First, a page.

'Rajesh Khanna would call up dad when he felt lonely,' says Anand Bakshi’s son

On Anand Bakshi’s 20th death anniversary, son/author Rakesh Anand Bakshi decodes the lyricist’s bond with the superstar and their timeless music.

Updated on Mar 30, 2022   |  05:11 PM IST  |  280.8K
'Rajesh Khanna would call up dad when he felt lonely,' says Anand Bakshi’s son
'Rajesh Khanna would call up dad when he felt lonely,' says Anand Bakshi’s son

Kora kagaz tha yeh man mera…

Achha toh hum chalte hain…

Pyaar deewana hota hai…

Hum donon do premee…

Karwatein badaltey rahein…

The songs are reminiscent of the romantic renaissance that took over the early ’70s, with Rajesh Khanna as its mascot and Anand Bakshi and Kishore Kumar as his talented comrades. So much so that when the superstar passed away in 2012, it stirred a revival of their music, celebrating the era and the emotions associated with it.

Anand Bakshi may have written over 3500 songs in over five decades but nothing can match his songwriting for Rajesh Khanna, something which compelled the beleaguered actor to remark, “Bakshi saab made my life!” at the lyricist’s funeral. In fact, a reclusive Khanna in his later years was known to have found succor in Bakshi’s lines written for his film Alag Alag (1985):

Kabhi bekasi ne mara

Kabhi bebasi ne mara

Ujaalon se vehshat (fear) mujhe ho gayi hai

Andheron ki aadat mujhe ho gayi hai…

On the late bard’s 20th death anniversary, son/author Rakesh Bakshi looks back at Anand Bakshi’s personal and professional bond with the late Rajesh Khanna.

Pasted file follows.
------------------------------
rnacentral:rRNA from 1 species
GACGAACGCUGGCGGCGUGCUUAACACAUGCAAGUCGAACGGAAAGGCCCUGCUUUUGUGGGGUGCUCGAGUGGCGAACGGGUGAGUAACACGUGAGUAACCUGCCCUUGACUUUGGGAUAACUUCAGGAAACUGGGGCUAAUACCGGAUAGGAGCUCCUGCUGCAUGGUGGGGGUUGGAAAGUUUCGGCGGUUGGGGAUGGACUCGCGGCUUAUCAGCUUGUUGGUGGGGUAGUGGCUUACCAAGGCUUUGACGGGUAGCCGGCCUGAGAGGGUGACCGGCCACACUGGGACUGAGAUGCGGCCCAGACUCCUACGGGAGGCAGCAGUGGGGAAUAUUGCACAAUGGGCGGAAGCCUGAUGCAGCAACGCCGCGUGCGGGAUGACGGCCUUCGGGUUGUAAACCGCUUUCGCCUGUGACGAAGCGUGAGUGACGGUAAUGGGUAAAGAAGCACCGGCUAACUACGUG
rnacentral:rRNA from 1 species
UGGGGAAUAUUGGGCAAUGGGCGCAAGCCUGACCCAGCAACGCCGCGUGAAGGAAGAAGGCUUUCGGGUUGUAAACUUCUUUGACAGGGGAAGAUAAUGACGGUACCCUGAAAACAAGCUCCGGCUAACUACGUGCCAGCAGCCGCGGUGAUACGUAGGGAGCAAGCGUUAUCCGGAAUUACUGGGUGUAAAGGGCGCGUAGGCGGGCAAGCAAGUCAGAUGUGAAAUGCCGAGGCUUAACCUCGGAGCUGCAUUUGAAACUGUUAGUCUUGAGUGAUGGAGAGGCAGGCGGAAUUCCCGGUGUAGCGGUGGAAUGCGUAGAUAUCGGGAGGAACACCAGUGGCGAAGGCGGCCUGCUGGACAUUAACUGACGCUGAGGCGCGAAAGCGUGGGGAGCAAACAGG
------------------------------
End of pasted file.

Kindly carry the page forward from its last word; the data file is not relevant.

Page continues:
When I was researching for Dad’s biography (Nagme, Kisse, Baatein, Yaadein: The Life & Lyrics of Anand Bakshi), I came across what he’d once said. “I was a soldier earning Rs 75 per month. Today, I have two homes and two cars. My daughters are married and settled. My sons are settled too. So, in that way I am successful. But I’m not willing to take credit for it. Yeh waqt ka project hai. Main waqt ka mureed (disciple) hoon. The day I start taking credit for this, I will enrage Maa Sarawati,” read his quote.

That explains why Dad remained humble all his life. When Dad was complimented for the great songs he particularly wrote for Rajesh Khanna and the fillip they gave to his career, he’d say the songs were superhit because of the superstar’s charisma. He’d also praise the composers be it R D Burmanji, Laxmikant-Pyarelalji, Kalyanji-Anandji… saying that they had ‘adorned’ his words beautifully. He’d give credit to the director and the storywriter stating they’d ‘inspired’ him to pen those lyrics. Dad believed it was the collective team, which needed to be acknowledged.